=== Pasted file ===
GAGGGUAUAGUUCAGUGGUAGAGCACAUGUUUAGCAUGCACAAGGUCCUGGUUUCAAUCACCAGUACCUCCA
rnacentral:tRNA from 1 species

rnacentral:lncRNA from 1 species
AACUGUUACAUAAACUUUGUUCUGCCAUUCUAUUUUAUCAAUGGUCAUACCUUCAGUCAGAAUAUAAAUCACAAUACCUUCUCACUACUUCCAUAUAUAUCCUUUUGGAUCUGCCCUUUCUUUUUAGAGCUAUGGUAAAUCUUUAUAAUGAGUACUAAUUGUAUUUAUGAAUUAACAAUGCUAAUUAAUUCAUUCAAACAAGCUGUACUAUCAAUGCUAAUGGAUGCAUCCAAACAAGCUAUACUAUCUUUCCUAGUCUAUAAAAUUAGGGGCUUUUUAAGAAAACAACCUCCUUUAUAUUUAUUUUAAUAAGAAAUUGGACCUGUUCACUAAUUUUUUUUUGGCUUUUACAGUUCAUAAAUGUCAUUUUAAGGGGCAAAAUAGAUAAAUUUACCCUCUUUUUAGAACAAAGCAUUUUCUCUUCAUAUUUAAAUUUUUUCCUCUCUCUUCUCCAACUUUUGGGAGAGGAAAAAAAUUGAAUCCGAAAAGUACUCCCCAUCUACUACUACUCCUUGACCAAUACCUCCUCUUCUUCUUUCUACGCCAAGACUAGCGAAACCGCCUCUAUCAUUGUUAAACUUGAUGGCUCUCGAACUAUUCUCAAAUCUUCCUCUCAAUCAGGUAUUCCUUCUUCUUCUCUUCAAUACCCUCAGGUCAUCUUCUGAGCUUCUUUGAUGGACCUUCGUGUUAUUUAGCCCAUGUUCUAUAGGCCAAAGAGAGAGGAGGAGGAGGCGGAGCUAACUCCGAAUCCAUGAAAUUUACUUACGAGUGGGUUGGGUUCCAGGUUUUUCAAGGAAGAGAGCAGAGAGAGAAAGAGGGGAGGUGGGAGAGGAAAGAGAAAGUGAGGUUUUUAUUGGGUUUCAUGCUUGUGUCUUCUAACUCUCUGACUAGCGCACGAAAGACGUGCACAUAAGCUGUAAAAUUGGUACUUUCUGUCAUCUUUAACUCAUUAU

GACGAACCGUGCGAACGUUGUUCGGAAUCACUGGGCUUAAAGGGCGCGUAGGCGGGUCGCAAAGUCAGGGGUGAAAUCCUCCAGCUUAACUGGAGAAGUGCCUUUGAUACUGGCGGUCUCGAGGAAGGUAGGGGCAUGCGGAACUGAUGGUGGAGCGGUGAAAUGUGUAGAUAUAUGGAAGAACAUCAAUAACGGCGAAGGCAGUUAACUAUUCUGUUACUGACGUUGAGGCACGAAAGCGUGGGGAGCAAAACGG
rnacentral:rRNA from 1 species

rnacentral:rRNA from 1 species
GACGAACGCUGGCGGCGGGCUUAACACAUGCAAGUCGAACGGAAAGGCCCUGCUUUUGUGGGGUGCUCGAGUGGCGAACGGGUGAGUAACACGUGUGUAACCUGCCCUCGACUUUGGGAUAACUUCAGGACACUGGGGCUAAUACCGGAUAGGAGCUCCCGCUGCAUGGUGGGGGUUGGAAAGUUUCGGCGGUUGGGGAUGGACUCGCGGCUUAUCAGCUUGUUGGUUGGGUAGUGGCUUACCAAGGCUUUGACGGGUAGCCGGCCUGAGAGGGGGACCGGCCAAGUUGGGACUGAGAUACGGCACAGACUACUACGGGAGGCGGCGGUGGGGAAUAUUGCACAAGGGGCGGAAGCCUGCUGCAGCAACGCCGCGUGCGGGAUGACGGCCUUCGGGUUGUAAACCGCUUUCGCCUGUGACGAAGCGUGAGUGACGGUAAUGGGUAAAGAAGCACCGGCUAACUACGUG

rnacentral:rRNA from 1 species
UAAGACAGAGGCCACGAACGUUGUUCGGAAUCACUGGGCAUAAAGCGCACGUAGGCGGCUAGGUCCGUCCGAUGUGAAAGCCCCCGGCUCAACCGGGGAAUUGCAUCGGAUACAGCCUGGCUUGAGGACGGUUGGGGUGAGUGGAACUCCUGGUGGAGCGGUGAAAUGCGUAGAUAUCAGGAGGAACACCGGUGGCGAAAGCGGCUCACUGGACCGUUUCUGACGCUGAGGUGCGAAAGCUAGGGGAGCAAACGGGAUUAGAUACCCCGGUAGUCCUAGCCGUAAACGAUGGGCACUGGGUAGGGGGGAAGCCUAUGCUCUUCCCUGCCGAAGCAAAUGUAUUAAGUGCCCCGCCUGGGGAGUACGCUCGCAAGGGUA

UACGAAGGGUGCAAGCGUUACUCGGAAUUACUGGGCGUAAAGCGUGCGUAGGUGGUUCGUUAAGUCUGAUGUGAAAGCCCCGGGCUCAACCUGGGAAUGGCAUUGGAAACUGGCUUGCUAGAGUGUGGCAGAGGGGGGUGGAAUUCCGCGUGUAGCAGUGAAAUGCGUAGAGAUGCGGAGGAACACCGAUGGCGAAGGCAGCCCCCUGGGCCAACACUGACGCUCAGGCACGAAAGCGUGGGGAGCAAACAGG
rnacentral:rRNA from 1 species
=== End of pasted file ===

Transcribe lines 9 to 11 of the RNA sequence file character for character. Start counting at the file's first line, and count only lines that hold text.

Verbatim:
rnacentral:rRNA from 1 species
UAAGACAGAGGCCACGAACGUUGUUCGGAAUCACUGGGCAUAAAGCGCACGUAGGCGGCUAGGUCCGUCCGAUGUGAAAGCCCCCGGCUCAACCGGGGAAUUGCAUCGGAUACAGCCUGGCUUGAGGACGGUUGGGGUGAGUGGAACUCCUGGUGGAGCGGUGAAAUGCGUAGAUAUCAGGAGGAACACCGGUGGCGAAAGCGGCUCACUGGACCGUUUCUGACGCUGAGGUGCGAAAGCUAGGGGAGCAAACGGGAUUAGAUACCCCGGUAGUCCUAGCCGUAAACGAUGGGCACUGGGUAGGGGGGAAGCCUAUGCUCUUCCCUGCCGAAGCAAAUGUAUUAAGUGCCCCGCCUGGGGAGUACGCUCGCAAGGGUA

UACGAAGGGUGCAAGCGUUACUCGGAAUUACUGGGCGUAAAGCGUGCGUAGGUGGUUCGUUAAGUCUGAUGUGAAAGCCCCGGGCUCAACCUGGGAAUGGCAUUGGAAACUGGCUUGCUAGAGUGUGGCAGAGGGGGGUGGAAUUCCGCGUGUAGCAGUGAAAUGCGUAGAGAUGCGGAGGAACACCGAUGGCGAAGGCAGCCCCCUGGGCCAACACUGACGCUCAGGCACGAAAGCGUGGGGAGCAAACAGG